Wednesday, September 05, 2007

jesus at a party

image from

so this last sunday i preached on luke 14:1-14, where jesus is invited to a party. i was particularly interested in verses 12-14 where Jesus says that when we throw parties we shouldn't just invite friends, relatives and rich neighbors. 'instead,' he says, 'invite the poor, the crippled, the lame and the blind.'

i have preached most every week that i've been here in clinton, which is 14 months now. but no sermon i have preached has resulted in so much discussion and feedback as this. i'm not exactly sure why it struck such a chord, but it did, and i've been doing some reflecting on this.

the basic thrust of my sermon wasn't exactly a revolutionary point; it is a fairly constant theme in Jesus' message: include the outsider. i began my sermon by trying to get the congregation to imagine with me what it might look like if Jesus was a dinner guest at our own home. i was hoping to help people understand that, in this story in luke, Jesus is showing a blatant disregard for social norms and polite expectations. he doesn't do well with good behavior. instead, jesus criticizes the guests for competing for honor, and then turns his attention on the host, calling into question the guest list. i wanted people to see that Jesus could sometimes make things awkward. part of my reason for doing this is that, despite my complete comfort with being comfortable, i absolutely believe that most of our churches and most of our christians in america are TOO COMFORTABLE. and i'm not speaking strictly financially, because there are many financially uncomfortable churches and christians in america.

when i read a story like this one in luke, i can't help but wonder about how comfortable i am. where are the 'crippled and lame, the poor and blind' at my table? what would jesus say if he came to my house for dinner? i don't think it would be something that would give me warm fuzzies. i don't think jesus would say, "hey thanks for a great meal. the stuffed mushrooms were particularly delightful. next time we'll all come to my house and watch 'america's got talent.'" i just don't think that is what he would say.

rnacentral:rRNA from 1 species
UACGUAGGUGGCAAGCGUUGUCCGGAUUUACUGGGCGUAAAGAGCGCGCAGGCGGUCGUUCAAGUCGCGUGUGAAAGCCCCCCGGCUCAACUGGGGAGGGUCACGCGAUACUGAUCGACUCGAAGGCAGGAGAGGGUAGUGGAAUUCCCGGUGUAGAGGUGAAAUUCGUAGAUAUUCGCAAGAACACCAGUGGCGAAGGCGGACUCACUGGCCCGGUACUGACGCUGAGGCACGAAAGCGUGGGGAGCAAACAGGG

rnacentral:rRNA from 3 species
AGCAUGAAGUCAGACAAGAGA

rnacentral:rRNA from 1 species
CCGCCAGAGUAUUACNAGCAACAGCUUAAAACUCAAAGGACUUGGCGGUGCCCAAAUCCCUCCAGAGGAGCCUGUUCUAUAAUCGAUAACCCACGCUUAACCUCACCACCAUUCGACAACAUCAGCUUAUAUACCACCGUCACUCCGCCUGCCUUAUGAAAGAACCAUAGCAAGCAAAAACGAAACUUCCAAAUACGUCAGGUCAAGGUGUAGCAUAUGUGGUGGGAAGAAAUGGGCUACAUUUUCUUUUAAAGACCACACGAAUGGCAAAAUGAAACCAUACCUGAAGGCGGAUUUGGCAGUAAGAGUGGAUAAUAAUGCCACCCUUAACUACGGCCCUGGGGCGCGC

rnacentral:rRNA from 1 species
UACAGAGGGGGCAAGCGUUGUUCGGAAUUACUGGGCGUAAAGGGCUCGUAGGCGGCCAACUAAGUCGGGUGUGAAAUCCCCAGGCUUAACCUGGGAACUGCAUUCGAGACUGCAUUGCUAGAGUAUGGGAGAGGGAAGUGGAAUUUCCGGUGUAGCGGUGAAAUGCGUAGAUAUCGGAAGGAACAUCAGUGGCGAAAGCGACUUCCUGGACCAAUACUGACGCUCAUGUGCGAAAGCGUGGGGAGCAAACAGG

i'm not sure what he would say, but i think it would have to do with who is not included in my life. who am i excluding? who am i not loving? who am i ignoring? these are interesting questions in a world that is increasingly global, where our neighbors are not just our suburbanites in the cul de sac, but people all around the world.

and so i keep wrestling. who needs to be sitting at our table? what would Jesus say in my home? i need to surrender my allegiance to comfort and daily deal with the potentially awkward: i am wildly rich in many ways compared to the rest of the world. how will i live with that?

one thing i can say is that you should be careful before you include jesus on the guest list to your next shindig; he probably won't say what you'd like him to say.

consider yourselves warned.



Anonymous said...

Hey Greg.....Christina's friend Rachel here. So, I'm curious as to what the discussions were about at your church? Were people upset at the suggestion to invite "outsiders" or were they claiming to not know any "outsiders".

Please expand....


cathyq said...

I can bet the discussions were interesting. The guilt is obvious. Of course we don't do this. We are too comfortable, but how to break out of that safety zone is the question. i would also like to hear about the discussion/ideas/solutions that your parishoners came up with!